Ailing Woods Leads Grand Slam

By Sports NetworkNovember 22, 2005, 5:00 pm
2005 PGA Grand Slam of GolfPOIPU BEACH, Hawaii -- Tiger Woods, a five-time winner of this event, overcame a stomach virus and an ankle injury on Tuesday to post a 5-under-par 67 and take the first-round lead of the PGA Grand Slam of Golf at Poipu Bay Golf Course and Hyatt Regency Kauai Resort & Spa.
 
Michael Campbell
Michael Campbell fired a Day 1 73 in his first Grand Slam of Golf appearance.
Phil Mickelson, the reigning PGA Champion, struggled horribly on his way into the clubhouse and surrendered his spot atop the leaderboard. The defending champion is alone in second place at 2-under-par 70.
 
Michael Campbell, the U.S. Open winner, also played poorly down the stretch and is in third at 1-over-par 73.
 
Vijay Singh never fully recovered from a quadruple-bogey 7 at the 11th and shot a 3-over-par 75, which is good for fourth place.
 
This two-round tournament is reserved for the 2005 PGA Tour's major championship winners. Since Woods won both the Masters and British Open, Singh got into the field based on his performance in the four majors.
 
Everyone struggled early in the first round, as both Woods and Singh bogeyed the first. The wind was howling, but the quartet made birdie at the par-5 second.
 
Woods continued to play poorly early on, as he three-putted from 12 feet for a bogey at the third. Mickelson became the first player to reach 2 under par as he rolled in an 8-footer for birdie at the fourth.
 
Woods and Singh collected birdies at the par-4 fifth as both converted putts of less than 5 feet. Campbell made a routine par, but Mickelson made a mess of the hole. The two-time major winner hit a massive drive, but chunked his wedge short of the green. Mickelson chipped to 4 feet and two-putted for the bogey.
 
The wind was directly into the players at the par-5 sixth and Woods was the only one to make birdie. He came up short with his second, but hit a wedge to 6 feet and sank the birdie putt. That birdie knotted the foursome at 1 under par.
 
Mickelson ascended up the leaderboard starting at the par-3 seventh. He ran home an 18-foot birdie putt to move to minus-2, but Woods and Campbell went backwards. Woods missed the green, then missed a 12-footer for the save. Campbell three-putted from 65 feet for bogey.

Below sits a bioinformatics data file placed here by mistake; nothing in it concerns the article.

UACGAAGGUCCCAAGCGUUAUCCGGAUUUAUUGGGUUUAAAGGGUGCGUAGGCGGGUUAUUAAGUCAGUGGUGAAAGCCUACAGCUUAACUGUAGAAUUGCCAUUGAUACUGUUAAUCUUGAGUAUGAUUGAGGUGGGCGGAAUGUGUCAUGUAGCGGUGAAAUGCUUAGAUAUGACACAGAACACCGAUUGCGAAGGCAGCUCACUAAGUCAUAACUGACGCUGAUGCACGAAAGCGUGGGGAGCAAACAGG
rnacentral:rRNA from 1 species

Mickelson and Woods both birdied the eighth as Mickelson hit a sand-wedge to 10 feet and Woods drove the green at the par-4 hole. Woods two-putted from 90 feet to get under par for the event.
 
All four parred the ninth, but Woods and Campbell made up ground at No. 10. Woods holed a 20-foot, right-to-left breaker for his birdie, while the U.S. Open champion kicked in a 2-footer.
 
The par-3 11th proved to be a crucial hole, as the international duo was all over the place. Campbell knocked his tee ball into a greenside bunker, but Singh would have gladly taken that spot. He hit his ball into the water on the left, then did it again from the drop zone. Singh missed a 9-footer after he finally reached the green, so he settled for a quadruple-bogey. Campbell made a pretty decent bogey from a buried lie in the trap, while Mickelson made a par.
 
Woods sank a 12-foot birdie putt at 11 to join Mickelson at 3 under par.
 
Singh bogeyed 12 and 13 to fall to plus-5, eight shots behind the co-leaders. Woods and Mickelson both missed makeable birdie tries at 13, but remained two ahead of Campbell.
 
All four players made birdie at the par-5 14th, although at least one player squandered a solid opportunity for eagle. Campbell left himself with 4 feet for a three, but missed the putt and settled for a birdie.
 
Campbell bogeyed 15 from behind the green, then the players stepped up to the 501-yard, par-4 16th, which was playing into the wind. Mickelson and Campbell both pulled fairway-metals into a hazard with their second shots, while Woods and Singh safely reached the long green. Mickelson pitched his fourth after a drop to 3 feet and Campbell hit his fourth to 10 feet. Woods and Singh two-putted for par and Mickelson and Campbell both made their bogey saves.
 
The 17th provided more problems for Mickelson and Campbell. Both ended up short of the green, although Campbell's ball bounced off a wall to land in that spot. Mickelson's pitch barely advanced to the green and Campbell chipped to 6 feet. Mickelson missed his 10-footer for par and Campbell missed for his third consecutive bogey.
 
On 18, Woods had a tough lie and elected to lay up with his second. The decision paid off as he played his third to nine feet and converted the birdie putt.